s3cmd setacl s3://acl-example --acl-public

This causes the bucket and its contents to be downloadable over the public Internet.

To set an object or bucket to private, you can use the setacl command and the --acl-private flag:

s3cmd setacl s3://acl-example --acl-private

This prevents users from accessing the bucket’s contents over the public Internet.

Granular Permissions for s3cmd

The more granular permissions are:

PermissionDescription
readUsers with can list objects within a bucket
writeUsers can upload objects to a bucket and delete objects from a bucket.
read_acpUsers can read the ACL currently applied to a bucket.
write_acpUsers can change the ACL applied to the bucket.
full_controlUsers have read and write access over both objects and ACLs.

Setting a permission: To apply granular permissions for a specific user with s3cmd, use the following setacl command with the --acl-grant flag:

s3cmd setacl s3://acl-example --acl-grant=PERMISSION:CANONICAL_ID

Substitute acl-example with the name of the bucket (and the object, if necessary), PERMISSION with a permission from the above table, and CANONICAL_ID with the canonical ID of the user to which you would like to grant permissions.

Revoking a permission: To revoke a specific permission, you can use the setacl command with the acl-revoke flag:

s3cmd setacl s3://acl-example --acl-revoke=PERMISSION:CANONICAL_ID

Substitute the bucket name (and optional object), PERMISSION, and CANONICAL_ID with your relevant values.

View current ACLs: To view the current ACLs applied to a bucket or object, use the info command, replacing acl-example with the name of your bucket (and object, if necessary):

s3cmd info s3://acl-example

You should see output like the following:

  s3://acl-bucket-example/ (bucket):
   Location:  default
   Payer:     BucketOwner
   Expiration Rule: none
   Policy:    none
   CORS:      b'&lt;CORSConfiguration xmlns="http://s3.amazonaws.com/doc/2006-03-01/"&gt;&lt;CORSRule&gt;&lt;AllowedMethod&gt;GET&lt;/AllowedMethod&gt;&lt;AllowedMethod&gt;PUT&lt;/AllowedMethod&gt;&lt;AllowedMethod&gt;DELETE&lt;/AllowedMethod&gt;&lt;AllowedMethod&gt;HEAD&lt;/AllowedMethod&gt;&lt;AllowedMethod&gt;POST&lt;/AllowedMethod&gt;&lt;AllowedOrigin&gt;*&lt;/AllowedOrigin&gt;&lt;AllowedHeader&gt;*&lt;/AllowedHeader&gt;&lt;/CORSRule&gt;&lt;/CORSConfiguration&gt;'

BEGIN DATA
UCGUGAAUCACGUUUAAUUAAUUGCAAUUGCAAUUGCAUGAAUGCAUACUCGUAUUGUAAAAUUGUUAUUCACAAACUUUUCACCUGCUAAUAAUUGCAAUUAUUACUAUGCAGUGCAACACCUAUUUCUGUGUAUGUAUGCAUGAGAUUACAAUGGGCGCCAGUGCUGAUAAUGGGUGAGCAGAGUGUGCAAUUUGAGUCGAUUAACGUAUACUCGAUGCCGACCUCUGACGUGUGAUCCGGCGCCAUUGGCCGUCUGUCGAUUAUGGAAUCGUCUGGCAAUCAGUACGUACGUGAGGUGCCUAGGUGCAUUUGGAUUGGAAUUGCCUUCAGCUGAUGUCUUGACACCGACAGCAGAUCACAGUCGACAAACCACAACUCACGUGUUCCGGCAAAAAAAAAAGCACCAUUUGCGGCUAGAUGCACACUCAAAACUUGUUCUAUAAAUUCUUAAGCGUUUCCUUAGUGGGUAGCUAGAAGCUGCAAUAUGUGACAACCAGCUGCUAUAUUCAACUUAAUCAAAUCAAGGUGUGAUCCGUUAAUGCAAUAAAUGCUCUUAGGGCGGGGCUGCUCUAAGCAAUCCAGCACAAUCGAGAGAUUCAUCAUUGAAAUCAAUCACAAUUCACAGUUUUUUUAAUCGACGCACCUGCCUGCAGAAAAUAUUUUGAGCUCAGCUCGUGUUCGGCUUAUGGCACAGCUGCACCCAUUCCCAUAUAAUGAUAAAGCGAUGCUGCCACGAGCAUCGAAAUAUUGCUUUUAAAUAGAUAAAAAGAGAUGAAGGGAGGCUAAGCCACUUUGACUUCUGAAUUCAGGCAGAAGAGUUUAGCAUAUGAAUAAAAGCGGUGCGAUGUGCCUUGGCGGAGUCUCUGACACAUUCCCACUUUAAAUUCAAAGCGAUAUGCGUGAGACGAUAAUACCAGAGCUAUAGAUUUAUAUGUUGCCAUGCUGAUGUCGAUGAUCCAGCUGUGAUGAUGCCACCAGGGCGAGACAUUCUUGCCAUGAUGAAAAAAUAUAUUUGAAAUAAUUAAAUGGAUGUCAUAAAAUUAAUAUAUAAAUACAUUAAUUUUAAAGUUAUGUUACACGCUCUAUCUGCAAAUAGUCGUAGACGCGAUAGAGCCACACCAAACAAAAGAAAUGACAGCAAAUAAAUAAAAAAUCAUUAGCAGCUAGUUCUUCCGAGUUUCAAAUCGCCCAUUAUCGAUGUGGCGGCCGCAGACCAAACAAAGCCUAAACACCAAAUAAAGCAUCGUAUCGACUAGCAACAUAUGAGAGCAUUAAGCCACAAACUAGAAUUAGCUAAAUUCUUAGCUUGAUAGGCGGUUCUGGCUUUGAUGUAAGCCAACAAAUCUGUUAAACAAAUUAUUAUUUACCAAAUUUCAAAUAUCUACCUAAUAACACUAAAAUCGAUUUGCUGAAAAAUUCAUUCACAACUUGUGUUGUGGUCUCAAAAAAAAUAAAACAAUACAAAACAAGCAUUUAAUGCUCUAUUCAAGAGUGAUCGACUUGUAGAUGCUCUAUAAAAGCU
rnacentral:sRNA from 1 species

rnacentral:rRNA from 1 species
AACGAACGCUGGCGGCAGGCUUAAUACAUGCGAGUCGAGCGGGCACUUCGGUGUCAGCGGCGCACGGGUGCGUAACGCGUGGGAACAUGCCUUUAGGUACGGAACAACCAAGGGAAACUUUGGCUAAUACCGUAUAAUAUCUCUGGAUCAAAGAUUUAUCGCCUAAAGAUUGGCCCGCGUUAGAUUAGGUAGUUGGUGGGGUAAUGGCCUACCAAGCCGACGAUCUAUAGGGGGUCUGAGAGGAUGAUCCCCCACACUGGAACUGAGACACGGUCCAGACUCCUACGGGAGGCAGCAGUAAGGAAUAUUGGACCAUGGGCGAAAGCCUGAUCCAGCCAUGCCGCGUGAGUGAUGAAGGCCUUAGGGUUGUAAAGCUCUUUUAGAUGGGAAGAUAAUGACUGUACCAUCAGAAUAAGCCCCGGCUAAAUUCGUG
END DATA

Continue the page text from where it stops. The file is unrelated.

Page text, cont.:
ACL:       *anon*: READ
   ACL:       a0000000-000a-0000-0000-00d0ff0f0000: FULL_CONTROL
   URL:       http://us-east-1.linodeobjects.com/acl-example/
Note
The owner of the bucket always has the full_control permission.
Note

If you set an ACL that does not map to an ACL in the Cloud Manager, the Cloud Manager displays this as Custom.

Bucket Policies with s3cmd

Bucket policies can offer finer control over the types of permissions you can grant to a user.

Caution
In the examples below, access to all objects within a bucket are defined with a wildcard *. While these resources can be defined to target the bucket resource itself by removing the /* where the resource is defined. Creating a policy with this rule can cause the bucket to become inaccessible to the Linode Cloud Manager, API, and CLI.

Basic Access Policy

Below is an example bucket policy written in JSON:

File: bucket_policy_example.json
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{
  "Version": "2012-10-17",
  "Statement": [{
    "Effect": "Allow",
    "Principal": {
      "AWS": [
        "arn:aws:iam:::user/a0000000-000a-0000-0000-00d0ff0f0000"
      ]
    },
    "Action": [
      "s3:PutObject",
      "s3:GetObject",
      "s3:ListBucket"
    ],
    "Resource": [
      "arn:aws:s3:::bucket-policy-example/*"
    ]
  }]
}

This policy allows the user with the canonical ID a0000000-000a-0000-0000-00d0ff0f0000, known here as the “principal”, to interact with the bucket, known as the “resource”. The “resource” that is listed (bucket-policy-example) is the only bucket the user has access to.

Note
The principal (a.k.a. the user) must have the prefix of arn:aws:iam:::user/, and the resource (a.k.a. the bucket) must have the prefix of arn:aws:s3:::.

The permissions are specified in the Action array. For the current example, these are:

  • s3:PutObject: The ability to upload objects to a bucket

  • s3:GetObject: The ability to retrieve objects from a bucket

  • s3:ListBucket: The ability to list the contents of the bucket

    Note